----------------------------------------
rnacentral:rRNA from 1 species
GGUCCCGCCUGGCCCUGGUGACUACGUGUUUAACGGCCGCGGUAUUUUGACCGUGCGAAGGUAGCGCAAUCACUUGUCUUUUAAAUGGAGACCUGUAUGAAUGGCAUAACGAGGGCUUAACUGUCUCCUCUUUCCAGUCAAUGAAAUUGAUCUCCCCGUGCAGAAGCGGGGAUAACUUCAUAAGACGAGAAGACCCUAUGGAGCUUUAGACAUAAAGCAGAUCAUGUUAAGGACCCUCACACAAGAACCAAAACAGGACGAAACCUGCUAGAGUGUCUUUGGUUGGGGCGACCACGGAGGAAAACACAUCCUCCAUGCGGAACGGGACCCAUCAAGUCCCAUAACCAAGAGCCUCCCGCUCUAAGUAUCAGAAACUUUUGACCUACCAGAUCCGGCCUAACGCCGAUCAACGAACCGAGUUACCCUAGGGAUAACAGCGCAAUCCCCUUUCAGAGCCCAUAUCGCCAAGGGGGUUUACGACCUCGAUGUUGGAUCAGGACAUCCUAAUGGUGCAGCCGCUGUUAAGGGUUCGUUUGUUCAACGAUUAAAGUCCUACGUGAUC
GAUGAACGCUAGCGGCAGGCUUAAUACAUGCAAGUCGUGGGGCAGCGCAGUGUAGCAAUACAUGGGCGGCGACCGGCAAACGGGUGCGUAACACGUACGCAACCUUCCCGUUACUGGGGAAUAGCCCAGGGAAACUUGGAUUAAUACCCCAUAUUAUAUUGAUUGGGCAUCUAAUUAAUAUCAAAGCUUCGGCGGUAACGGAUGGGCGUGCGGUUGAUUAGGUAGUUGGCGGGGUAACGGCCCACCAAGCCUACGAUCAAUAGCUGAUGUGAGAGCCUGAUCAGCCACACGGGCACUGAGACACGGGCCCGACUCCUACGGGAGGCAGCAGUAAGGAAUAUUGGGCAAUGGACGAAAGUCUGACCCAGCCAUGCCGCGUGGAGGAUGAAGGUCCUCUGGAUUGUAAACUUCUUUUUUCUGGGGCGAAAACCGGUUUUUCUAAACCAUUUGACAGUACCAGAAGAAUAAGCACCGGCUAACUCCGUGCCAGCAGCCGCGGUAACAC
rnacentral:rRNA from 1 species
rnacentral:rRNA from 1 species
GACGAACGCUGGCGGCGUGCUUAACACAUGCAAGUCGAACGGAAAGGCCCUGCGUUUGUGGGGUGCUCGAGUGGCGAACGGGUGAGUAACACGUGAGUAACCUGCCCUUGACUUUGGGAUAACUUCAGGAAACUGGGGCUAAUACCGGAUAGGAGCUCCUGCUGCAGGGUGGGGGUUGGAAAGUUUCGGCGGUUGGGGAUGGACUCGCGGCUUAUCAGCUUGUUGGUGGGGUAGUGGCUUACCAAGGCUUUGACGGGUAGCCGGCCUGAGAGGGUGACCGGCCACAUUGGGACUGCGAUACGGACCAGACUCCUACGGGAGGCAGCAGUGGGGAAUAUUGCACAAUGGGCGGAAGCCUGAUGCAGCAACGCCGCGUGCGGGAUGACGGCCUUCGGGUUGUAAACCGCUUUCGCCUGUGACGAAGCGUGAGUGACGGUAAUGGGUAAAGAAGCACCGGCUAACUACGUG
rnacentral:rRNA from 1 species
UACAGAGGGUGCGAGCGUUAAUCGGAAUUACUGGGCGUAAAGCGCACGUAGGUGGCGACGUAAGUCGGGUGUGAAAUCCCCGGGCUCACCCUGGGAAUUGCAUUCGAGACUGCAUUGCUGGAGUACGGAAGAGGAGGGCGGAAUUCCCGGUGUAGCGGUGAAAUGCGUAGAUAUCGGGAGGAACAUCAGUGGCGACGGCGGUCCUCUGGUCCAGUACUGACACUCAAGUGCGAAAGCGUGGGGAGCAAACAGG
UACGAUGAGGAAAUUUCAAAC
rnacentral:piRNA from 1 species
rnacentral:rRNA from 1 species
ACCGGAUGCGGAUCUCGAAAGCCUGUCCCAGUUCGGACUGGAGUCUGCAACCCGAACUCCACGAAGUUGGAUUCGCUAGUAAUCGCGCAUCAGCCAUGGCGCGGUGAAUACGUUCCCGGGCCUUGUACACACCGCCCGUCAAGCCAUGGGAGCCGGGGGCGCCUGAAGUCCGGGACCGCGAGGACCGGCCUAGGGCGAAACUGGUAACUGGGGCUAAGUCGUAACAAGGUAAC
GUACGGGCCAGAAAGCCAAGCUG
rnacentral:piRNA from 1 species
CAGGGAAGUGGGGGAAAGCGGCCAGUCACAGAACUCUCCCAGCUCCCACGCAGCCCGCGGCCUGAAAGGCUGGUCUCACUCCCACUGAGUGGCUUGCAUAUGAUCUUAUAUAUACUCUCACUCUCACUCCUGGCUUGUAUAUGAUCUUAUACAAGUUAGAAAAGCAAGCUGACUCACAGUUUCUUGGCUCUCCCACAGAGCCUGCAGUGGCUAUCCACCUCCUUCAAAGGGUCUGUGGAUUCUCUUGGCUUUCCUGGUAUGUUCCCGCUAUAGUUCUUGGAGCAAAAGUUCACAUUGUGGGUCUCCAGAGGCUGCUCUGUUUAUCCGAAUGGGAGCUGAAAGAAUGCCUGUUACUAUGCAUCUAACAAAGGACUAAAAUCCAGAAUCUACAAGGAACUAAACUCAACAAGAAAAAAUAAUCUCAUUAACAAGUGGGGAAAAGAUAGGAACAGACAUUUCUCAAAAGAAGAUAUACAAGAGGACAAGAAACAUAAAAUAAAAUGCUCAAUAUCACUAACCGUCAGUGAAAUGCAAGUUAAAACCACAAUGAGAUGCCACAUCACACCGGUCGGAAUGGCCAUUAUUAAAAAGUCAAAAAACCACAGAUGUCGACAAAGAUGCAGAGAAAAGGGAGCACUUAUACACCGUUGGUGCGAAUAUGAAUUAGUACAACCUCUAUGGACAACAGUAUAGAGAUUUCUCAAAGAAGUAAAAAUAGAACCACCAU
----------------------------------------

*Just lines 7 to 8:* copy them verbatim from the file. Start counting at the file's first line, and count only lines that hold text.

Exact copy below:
rnacentral:rRNA from 1 species
UACAGAGGGUGCGAGCGUUAAUCGGAAUUACUGGGCGUAAAGCGCACGUAGGUGGCGACGUAAGUCGGGUGUGAAAUCCCCGGGCUCACCCUGGGAAUUGCAUUCGAGACUGCAUUGCUGGAGUACGGAAGAGGAGGGCGGAAUUCCCGGUGUAGCGGUGAAAUGCGUAGAUAUCGGGAGGAACAUCAGUGGCGACGGCGGUCCUCUGGUCCAGUACUGACACUCAAGUGCGAAAGCGUGGGGAGCAAACAGG